Other Opinions

New school funding plan will lead to better education

The Mississippi Legislature has been in session 44 days. One of the issues you have heard much about this year is public education funding. By now, many articles have been written on House Bill 957, commonly referred to as the “Uniform Per Student Funding Formula bill” or the “Mississippi Adequate Education Program rewrite.” Some of what you have read and heard is in support of a new funding formula, while some is strongly opposed to making any change to the current formula. All the conflicting information and differing viewpoints can certainly be confusing. As we near the halfway point of this 90-day session, I’d like to share with you the basic idea behind the new funding formula and the reasons this legislation is the right thing to do not only for education, but for the betterment of all Mississippians.

First and foremost, the Uniform Per Student Funding Formula is good for Mississippi students. The formula is entirely student-based, which means that the single most important customer of our public school system — the student — is the fundamental building block of the new formula. This shift to focusing on students and their specific needs is a major departure from the current funding mechanism, the MAEP, which employs a complex process to calculate the funding necessary for school districts to deliver programs that are supposed to yield a successful level of education.

Under MAEP, the emphasis is on the price of programs, with little consideration given to school districts’ unique characteristics such as rural versus urban, affluent versus poor, small versus large, and so on. The Uniform Per Student Funding Formula starts with an amount for each student enrolled in a school district and then adds additional amounts for students who cost more to educate, such as students in high school, rural districts, poor districts, gifted programs and special education programs and those whose primary language is not English. The new formula is simple math which considers the needs of each individual child in calculating a school district’s funding.

The straightforward calculation of how much funding a school district can realistically expect for the following school year is just one of the reasons the new formula is good for school districts. On top of knowing how much it will receive, a school district will have greater flexibility in how funds are spent.

No two school districts are exactly alike: who better knows what the children in a particular school district need than the district itself? Over the next two years, study committees created in the bill will examine ways to give school districts even greater flexibility in spending. To be sure that no school district suffers a loss of funds while these studies are being conducted and any fine tuning of the formula occurs, House Bill 957 includes a hold harmless provision that guarantees no school district will receive less funds for the next two years than it did in the 2017-2018 school year.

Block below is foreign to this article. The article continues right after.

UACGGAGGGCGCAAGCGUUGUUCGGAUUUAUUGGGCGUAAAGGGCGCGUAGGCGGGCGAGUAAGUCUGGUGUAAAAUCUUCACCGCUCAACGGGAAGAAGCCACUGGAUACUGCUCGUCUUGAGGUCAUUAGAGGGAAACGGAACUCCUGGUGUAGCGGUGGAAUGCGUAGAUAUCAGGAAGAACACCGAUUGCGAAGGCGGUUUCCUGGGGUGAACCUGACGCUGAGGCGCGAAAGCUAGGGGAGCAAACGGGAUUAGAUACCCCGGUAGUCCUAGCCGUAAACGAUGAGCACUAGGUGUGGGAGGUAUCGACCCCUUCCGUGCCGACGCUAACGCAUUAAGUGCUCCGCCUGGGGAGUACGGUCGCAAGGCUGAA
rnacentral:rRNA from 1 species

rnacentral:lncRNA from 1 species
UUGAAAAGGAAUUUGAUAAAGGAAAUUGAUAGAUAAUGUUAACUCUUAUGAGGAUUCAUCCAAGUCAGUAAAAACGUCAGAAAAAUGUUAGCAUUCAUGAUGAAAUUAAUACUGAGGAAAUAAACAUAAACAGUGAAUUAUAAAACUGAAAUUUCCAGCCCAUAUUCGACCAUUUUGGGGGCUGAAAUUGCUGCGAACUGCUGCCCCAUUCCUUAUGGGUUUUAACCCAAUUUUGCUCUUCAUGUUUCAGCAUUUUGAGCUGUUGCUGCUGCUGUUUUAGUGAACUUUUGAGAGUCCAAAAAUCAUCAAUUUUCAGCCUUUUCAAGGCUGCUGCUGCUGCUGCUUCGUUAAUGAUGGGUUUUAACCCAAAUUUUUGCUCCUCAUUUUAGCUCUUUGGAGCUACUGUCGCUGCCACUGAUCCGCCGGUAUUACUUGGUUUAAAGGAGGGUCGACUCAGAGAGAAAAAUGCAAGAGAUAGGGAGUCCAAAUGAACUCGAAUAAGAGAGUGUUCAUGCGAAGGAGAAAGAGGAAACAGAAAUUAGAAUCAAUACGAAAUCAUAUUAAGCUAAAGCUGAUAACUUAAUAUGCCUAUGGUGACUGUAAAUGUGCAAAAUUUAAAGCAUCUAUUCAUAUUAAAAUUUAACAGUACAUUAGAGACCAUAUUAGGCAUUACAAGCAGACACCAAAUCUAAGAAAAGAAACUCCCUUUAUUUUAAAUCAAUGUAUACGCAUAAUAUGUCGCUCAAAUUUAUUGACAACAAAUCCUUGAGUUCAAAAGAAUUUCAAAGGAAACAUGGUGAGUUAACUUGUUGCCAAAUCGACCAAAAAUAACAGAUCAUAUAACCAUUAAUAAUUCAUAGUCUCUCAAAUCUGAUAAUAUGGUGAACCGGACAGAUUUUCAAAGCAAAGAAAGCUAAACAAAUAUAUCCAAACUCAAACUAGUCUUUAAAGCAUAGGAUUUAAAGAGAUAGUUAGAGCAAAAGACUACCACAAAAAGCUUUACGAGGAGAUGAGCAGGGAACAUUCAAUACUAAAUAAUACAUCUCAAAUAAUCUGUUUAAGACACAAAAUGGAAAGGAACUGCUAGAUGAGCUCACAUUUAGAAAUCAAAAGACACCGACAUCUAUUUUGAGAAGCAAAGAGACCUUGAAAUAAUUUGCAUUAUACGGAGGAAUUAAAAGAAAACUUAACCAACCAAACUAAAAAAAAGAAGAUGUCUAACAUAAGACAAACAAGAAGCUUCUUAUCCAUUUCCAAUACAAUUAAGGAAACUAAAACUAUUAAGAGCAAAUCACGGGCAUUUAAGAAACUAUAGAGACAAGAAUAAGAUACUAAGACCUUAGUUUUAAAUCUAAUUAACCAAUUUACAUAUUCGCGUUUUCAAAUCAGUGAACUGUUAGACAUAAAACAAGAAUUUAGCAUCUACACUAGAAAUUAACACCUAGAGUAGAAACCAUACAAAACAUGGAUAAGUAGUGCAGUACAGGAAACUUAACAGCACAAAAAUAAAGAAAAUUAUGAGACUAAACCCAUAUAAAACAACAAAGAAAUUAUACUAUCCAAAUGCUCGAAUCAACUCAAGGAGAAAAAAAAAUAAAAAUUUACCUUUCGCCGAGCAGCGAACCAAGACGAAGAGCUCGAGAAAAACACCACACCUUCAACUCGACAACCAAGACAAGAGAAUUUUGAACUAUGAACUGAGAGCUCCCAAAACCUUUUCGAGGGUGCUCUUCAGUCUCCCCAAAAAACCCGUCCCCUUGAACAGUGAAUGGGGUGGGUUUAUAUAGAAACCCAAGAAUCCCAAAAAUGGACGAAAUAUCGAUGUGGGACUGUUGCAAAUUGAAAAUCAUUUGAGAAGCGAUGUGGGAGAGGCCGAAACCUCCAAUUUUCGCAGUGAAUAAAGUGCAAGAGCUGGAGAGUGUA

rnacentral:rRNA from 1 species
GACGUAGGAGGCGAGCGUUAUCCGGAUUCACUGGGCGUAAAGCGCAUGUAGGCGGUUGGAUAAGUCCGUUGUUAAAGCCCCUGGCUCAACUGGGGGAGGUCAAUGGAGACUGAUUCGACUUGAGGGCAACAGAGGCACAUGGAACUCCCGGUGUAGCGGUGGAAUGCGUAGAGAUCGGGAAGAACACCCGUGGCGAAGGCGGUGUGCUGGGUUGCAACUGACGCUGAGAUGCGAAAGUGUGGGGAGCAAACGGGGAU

So, if a uniform per student funding program is good for students and schools, why are some folks against it? Perhaps the strongest argument against the new funding program is really not against the funding formula at all; rather, the most frequently made argument is against moving away from MAEP to any other funding mechanism. At the time MAEP was written, no one anticipated the economic downturn waiting around the corner.

Over the last 20 years, full MAEP funding has been achieved only twice. Expenses in critical areas have ballooned. The unfortunate reality is that to fully fund MAEP, the state would have to operate in a vacuum, with no consideration given to resources or pressing needs, and fail to provide adequate funding for mental health, indigent health care, public safety and other essential services. Just as families must consider all their needs and resources when making spending decisions, so, too, must the state. To fully fund MAEP is impossible if other essential services are to be provided to Mississippians.

It has been said, “Show me a good school, and I’ll show you a good community. Show me a good community, and I’ll show you a good school.” The Uniform Per Student Funding Formula will be better for Mississippi’s children, and it will be better for the school districts educating our children. With stronger schools, funded according to the needs of their students and granted flexibility in how to best meet those needs, the educational attainment of communities across the state will rise. With a better educated workforce, communities will be more attractive to industry. New or expanding industries will bring jobs and bolster economic prosperity in our communities.

Economic prosperity will increase the quality of life in communities across the state, which, in turn, will yield even greater schools. So while the immediate beneficiaries of the new funding program are the children in our schools, for these reasons, the Uniform Per Student Funding Formula is a good thing for all Mississippians.

Richard Bennett is chairman of the Mississippi House Education Committee.